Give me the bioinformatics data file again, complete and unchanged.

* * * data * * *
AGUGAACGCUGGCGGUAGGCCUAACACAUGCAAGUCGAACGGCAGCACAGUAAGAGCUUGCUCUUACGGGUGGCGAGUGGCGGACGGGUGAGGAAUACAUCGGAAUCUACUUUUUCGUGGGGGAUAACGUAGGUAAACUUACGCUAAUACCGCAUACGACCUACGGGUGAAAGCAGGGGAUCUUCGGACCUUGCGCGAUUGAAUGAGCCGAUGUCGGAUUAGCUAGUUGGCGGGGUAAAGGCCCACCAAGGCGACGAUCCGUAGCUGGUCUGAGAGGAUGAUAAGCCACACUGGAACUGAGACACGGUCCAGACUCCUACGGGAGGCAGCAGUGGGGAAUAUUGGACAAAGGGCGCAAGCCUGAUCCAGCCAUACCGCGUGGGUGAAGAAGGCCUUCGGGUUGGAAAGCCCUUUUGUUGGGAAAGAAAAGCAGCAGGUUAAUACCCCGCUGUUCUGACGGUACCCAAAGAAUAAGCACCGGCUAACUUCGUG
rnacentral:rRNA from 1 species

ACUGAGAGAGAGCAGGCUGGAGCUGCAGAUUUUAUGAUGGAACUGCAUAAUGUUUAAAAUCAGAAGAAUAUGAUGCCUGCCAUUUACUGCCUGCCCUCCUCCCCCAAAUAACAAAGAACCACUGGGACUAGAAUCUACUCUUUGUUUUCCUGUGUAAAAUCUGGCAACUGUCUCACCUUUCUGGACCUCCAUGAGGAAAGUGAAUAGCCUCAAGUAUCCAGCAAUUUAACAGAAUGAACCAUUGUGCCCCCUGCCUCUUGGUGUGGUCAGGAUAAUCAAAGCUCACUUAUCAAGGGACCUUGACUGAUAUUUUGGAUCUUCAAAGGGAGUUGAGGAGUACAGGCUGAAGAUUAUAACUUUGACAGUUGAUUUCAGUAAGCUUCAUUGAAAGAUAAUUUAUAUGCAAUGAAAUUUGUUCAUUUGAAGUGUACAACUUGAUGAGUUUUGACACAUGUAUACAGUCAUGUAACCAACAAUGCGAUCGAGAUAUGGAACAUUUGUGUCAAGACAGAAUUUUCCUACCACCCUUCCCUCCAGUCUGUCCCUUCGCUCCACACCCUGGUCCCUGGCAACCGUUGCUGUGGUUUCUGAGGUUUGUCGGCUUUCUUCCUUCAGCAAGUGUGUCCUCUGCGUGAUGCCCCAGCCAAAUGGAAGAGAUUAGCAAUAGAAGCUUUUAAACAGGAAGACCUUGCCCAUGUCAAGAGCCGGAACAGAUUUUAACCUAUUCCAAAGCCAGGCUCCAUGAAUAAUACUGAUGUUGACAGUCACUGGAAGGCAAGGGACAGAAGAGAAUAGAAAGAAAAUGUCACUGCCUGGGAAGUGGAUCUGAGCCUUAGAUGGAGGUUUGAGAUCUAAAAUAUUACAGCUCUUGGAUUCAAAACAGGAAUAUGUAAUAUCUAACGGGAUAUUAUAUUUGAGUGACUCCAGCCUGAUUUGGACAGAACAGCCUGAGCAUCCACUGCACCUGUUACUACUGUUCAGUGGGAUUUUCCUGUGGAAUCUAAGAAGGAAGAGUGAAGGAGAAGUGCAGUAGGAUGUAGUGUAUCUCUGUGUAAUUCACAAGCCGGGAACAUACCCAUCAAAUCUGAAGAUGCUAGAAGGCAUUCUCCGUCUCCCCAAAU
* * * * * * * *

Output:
AGUGAACGCUGGCGGUAGGCCUAACACAUGCAAGUCGAACGGCAGCACAGUAAGAGCUUGCUCUUACGGGUGGCGAGUGGCGGACGGGUGAGGAAUACAUCGGAAUCUACUUUUUCGUGGGGGAUAACGUAGGUAAACUUACGCUAAUACCGCAUACGACCUACGGGUGAAAGCAGGGGAUCUUCGGACCUUGCGCGAUUGAAUGAGCCGAUGUCGGAUUAGCUAGUUGGCGGGGUAAAGGCCCACCAAGGCGACGAUCCGUAGCUGGUCUGAGAGGAUGAUAAGCCACACUGGAACUGAGACACGGUCCAGACUCCUACGGGAGGCAGCAGUGGGGAAUAUUGGACAAAGGGCGCAAGCCUGAUCCAGCCAUACCGCGUGGGUGAAGAAGGCCUUCGGGUUGGAAAGCCCUUUUGUUGGGAAAGAAAAGCAGCAGGUUAAUACCCCGCUGUUCUGACGGUACCCAAAGAAUAAGCACCGGCUAACUUCGUG
rnacentral:rRNA from 1 species

ACUGAGAGAGAGCAGGCUGGAGCUGCAGAUUUUAUGAUGGAACUGCAUAAUGUUUAAAAUCAGAAGAAUAUGAUGCCUGCCAUUUACUGCCUGCCCUCCUCCCCCAAAUAACAAAGAACCACUGGGACUAGAAUCUACUCUUUGUUUUCCUGUGUAAAAUCUGGCAACUGUCUCACCUUUCUGGACCUCCAUGAGGAAAGUGAAUAGCCUCAAGUAUCCAGCAAUUUAACAGAAUGAACCAUUGUGCCCCCUGCCUCUUGGUGUGGUCAGGAUAAUCAAAGCUCACUUAUCAAGGGACCUUGACUGAUAUUUUGGAUCUUCAAAGGGAGUUGAGGAGUACAGGCUGAAGAUUAUAACUUUGACAGUUGAUUUCAGUAAGCUUCAUUGAAAGAUAAUUUAUAUGCAAUGAAAUUUGUUCAUUUGAAGUGUACAACUUGAUGAGUUUUGACACAUGUAUACAGUCAUGUAACCAACAAUGCGAUCGAGAUAUGGAACAUUUGUGUCAAGACAGAAUUUUCCUACCACCCUUCCCUCCAGUCUGUCCCUUCGCUCCACACCCUGGUCCCUGGCAACCGUUGCUGUGGUUUCUGAGGUUUGUCGGCUUUCUUCCUUCAGCAAGUGUGUCCUCUGCGUGAUGCCCCAGCCAAAUGGAAGAGAUUAGCAAUAGAAGCUUUUAAACAGGAAGACCUUGCCCAUGUCAAGAGCCGGAACAGAUUUUAACCUAUUCCAAAGCCAGGCUCCAUGAAUAAUACUGAUGUUGACAGUCACUGGAAGGCAAGGGACAGAAGAGAAUAGAAAGAAAAUGUCACUGCCUGGGAAGUGGAUCUGAGCCUUAGAUGGAGGUUUGAGAUCUAAAAUAUUACAGCUCUUGGAUUCAAAACAGGAAUAUGUAAUAUCUAACGGGAUAUUAUAUUUGAGUGACUCCAGCCUGAUUUGGACAGAACAGCCUGAGCAUCCACUGCACCUGUUACUACUGUUCAGUGGGAUUUUCCUGUGGAAUCUAAGAAGGAAGAGUGAAGGAGAAGUGCAGUAGGAUGUAGUGUAUCUCUGUGUAAUUCACAAGCCGGGAACAUACCCAUCAAAUCUGAAGAUGCUAGAAGGCAUUCUCCGUCUCCCCAAAU